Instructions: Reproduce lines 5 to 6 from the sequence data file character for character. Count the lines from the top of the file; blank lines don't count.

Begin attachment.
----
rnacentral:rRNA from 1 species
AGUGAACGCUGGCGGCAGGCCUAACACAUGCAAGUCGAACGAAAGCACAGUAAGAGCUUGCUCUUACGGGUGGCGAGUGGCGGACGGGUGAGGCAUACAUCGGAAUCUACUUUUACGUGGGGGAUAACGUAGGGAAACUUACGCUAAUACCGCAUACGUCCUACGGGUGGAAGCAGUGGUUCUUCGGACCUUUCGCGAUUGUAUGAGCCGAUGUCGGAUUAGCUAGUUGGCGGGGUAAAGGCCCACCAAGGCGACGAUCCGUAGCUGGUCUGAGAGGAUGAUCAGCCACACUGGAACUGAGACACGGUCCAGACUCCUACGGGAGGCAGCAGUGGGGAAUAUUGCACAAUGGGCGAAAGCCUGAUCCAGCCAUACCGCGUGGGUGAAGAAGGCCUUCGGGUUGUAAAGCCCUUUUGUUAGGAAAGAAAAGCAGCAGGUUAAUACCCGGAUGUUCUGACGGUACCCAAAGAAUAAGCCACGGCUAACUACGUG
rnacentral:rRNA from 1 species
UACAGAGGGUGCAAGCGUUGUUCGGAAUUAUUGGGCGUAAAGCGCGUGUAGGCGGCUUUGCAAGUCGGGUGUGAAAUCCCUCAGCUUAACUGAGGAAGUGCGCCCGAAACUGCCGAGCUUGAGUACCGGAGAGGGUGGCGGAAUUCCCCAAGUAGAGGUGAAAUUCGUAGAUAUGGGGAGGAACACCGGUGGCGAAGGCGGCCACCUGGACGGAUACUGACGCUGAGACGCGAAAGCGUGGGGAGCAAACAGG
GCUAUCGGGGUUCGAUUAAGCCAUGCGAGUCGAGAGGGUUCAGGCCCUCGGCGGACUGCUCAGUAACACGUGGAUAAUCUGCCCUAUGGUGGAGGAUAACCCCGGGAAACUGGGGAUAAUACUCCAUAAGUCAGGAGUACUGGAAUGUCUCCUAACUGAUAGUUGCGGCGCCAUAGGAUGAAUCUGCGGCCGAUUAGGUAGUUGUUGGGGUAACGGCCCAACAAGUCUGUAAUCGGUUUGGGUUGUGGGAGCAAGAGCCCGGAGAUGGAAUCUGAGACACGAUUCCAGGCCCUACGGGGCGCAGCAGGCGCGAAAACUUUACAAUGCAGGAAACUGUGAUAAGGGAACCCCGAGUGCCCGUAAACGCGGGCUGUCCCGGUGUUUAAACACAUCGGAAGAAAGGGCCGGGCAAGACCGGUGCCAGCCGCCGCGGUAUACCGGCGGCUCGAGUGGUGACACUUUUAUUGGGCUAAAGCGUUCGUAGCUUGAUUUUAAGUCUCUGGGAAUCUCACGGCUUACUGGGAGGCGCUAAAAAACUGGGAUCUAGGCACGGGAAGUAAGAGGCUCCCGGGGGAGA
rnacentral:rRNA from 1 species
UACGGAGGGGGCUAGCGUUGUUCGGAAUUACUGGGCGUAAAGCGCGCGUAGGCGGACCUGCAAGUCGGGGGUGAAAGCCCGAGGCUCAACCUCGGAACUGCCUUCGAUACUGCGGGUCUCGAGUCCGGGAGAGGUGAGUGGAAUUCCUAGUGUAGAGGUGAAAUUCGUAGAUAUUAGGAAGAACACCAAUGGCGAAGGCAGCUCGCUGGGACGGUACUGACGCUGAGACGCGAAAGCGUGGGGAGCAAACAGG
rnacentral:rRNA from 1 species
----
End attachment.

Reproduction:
GCUAUCGGGGUUCGAUUAAGCCAUGCGAGUCGAGAGGGUUCAGGCCCUCGGCGGACUGCUCAGUAACACGUGGAUAAUCUGCCCUAUGGUGGAGGAUAACCCCGGGAAACUGGGGAUAAUACUCCAUAAGUCAGGAGUACUGGAAUGUCUCCUAACUGAUAGUUGCGGCGCCAUAGGAUGAAUCUGCGGCCGAUUAGGUAGUUGUUGGGGUAACGGCCCAACAAGUCUGUAAUCGGUUUGGGUUGUGGGAGCAAGAGCCCGGAGAUGGAAUCUGAGACACGAUUCCAGGCCCUACGGGGCGCAGCAGGCGCGAAAACUUUACAAUGCAGGAAACUGUGAUAAGGGAACCCCGAGUGCCCGUAAACGCGGGCUGUCCCGGUGUUUAAACACAUCGGAAGAAAGGGCCGGGCAAGACCGGUGCCAGCCGCCGCGGUAUACCGGCGGCUCGAGUGGUGACACUUUUAUUGGGCUAAAGCGUUCGUAGCUUGAUUUUAAGUCUCUGGGAAUCUCACGGCUUACUGGGAGGCGCUAAAAAACUGGGAUCUAGGCACGGGAAGUAAGAGGCUCCCGGGGGAGA
rnacentral:rRNA from 1 species